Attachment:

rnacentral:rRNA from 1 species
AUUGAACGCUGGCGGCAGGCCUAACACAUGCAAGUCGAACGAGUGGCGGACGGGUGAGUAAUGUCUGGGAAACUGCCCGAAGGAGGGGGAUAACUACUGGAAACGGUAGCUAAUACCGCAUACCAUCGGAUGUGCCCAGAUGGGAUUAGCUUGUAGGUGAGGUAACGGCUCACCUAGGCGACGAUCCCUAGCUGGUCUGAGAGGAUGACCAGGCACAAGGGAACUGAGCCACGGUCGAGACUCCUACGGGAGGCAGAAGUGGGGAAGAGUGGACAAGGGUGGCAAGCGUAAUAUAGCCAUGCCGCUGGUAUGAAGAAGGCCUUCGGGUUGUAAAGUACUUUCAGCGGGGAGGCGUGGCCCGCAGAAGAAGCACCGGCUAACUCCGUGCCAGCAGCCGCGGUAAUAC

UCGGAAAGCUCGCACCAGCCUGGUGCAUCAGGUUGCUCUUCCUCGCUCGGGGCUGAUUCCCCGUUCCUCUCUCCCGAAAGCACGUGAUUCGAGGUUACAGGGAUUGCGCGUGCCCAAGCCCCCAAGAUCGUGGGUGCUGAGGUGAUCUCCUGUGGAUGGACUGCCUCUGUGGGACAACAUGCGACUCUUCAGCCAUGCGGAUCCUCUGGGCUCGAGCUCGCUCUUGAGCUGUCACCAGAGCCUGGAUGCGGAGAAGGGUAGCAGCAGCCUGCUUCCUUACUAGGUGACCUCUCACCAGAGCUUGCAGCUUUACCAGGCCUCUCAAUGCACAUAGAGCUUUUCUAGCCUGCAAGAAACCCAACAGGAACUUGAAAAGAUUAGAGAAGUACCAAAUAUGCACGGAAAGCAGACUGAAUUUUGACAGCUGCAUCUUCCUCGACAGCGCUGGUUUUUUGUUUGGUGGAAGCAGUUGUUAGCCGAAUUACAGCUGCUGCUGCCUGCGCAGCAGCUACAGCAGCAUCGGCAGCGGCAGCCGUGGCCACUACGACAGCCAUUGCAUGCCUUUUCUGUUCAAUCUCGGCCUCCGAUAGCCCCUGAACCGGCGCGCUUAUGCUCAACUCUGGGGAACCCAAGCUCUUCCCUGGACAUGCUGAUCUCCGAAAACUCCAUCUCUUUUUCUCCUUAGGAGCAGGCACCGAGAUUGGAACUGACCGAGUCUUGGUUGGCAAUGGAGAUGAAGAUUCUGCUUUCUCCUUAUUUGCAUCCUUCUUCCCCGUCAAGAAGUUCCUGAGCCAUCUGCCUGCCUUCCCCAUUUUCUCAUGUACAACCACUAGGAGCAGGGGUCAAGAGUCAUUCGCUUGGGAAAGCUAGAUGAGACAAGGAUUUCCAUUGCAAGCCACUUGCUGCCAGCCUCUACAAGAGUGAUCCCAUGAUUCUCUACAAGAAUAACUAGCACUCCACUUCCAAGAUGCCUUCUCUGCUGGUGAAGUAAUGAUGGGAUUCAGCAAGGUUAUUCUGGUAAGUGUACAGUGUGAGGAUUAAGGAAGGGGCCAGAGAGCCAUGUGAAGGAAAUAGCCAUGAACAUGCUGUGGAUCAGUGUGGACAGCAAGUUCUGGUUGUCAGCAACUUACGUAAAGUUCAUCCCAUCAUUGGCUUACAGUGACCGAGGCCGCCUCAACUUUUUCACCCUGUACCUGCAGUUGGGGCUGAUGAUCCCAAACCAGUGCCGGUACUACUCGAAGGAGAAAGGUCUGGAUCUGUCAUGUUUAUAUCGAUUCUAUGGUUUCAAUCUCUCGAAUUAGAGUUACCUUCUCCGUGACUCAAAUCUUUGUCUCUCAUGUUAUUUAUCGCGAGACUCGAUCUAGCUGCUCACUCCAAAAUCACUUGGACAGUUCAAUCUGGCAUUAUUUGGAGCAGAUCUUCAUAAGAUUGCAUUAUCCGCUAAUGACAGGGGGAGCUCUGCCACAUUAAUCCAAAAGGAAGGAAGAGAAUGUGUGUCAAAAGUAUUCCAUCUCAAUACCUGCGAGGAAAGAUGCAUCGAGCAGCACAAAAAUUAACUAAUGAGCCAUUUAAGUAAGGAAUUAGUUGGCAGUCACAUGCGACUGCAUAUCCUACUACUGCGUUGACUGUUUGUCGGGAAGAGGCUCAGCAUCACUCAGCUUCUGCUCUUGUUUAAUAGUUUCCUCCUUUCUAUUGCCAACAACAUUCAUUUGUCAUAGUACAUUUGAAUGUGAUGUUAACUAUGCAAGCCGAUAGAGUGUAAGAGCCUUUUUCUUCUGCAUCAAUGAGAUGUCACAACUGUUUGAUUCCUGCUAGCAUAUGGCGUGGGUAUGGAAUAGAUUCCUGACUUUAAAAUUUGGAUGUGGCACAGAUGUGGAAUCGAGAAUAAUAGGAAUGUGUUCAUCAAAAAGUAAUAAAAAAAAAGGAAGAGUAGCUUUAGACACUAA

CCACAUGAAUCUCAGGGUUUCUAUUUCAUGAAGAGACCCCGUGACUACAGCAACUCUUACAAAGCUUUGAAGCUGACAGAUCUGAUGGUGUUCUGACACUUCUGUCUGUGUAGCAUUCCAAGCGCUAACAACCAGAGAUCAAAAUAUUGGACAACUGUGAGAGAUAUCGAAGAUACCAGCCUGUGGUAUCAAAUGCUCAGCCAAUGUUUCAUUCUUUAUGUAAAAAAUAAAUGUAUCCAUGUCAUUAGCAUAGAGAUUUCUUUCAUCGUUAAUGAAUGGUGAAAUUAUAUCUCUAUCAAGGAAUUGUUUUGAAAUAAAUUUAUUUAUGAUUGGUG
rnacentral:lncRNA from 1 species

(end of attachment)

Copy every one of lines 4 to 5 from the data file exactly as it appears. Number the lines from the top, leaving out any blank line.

CCACAUGAAUCUCAGGGUUUCUAUUUCAUGAAGAGACCCCGUGACUACAGCAACUCUUACAAAGCUUUGAAGCUGACAGAUCUGAUGGUGUUCUGACACUUCUGUCUGUGUAGCAUUCCAAGCGCUAACAACCAGAGAUCAAAAUAUUGGACAACUGUGAGAGAUAUCGAAGAUACCAGCCUGUGGUAUCAAAUGCUCAGCCAAUGUUUCAUUCUUUAUGUAAAAAAUAAAUGUAUCCAUGUCAUUAGCAUAGAGAUUUCUUUCAUCGUUAAUGAAUGGUGAAAUUAUAUCUCUAUCAAGGAAUUGUUUUGAAAUAAAUUUAUUUAUGAUUGGUG
rnacentral:lncRNA from 1 species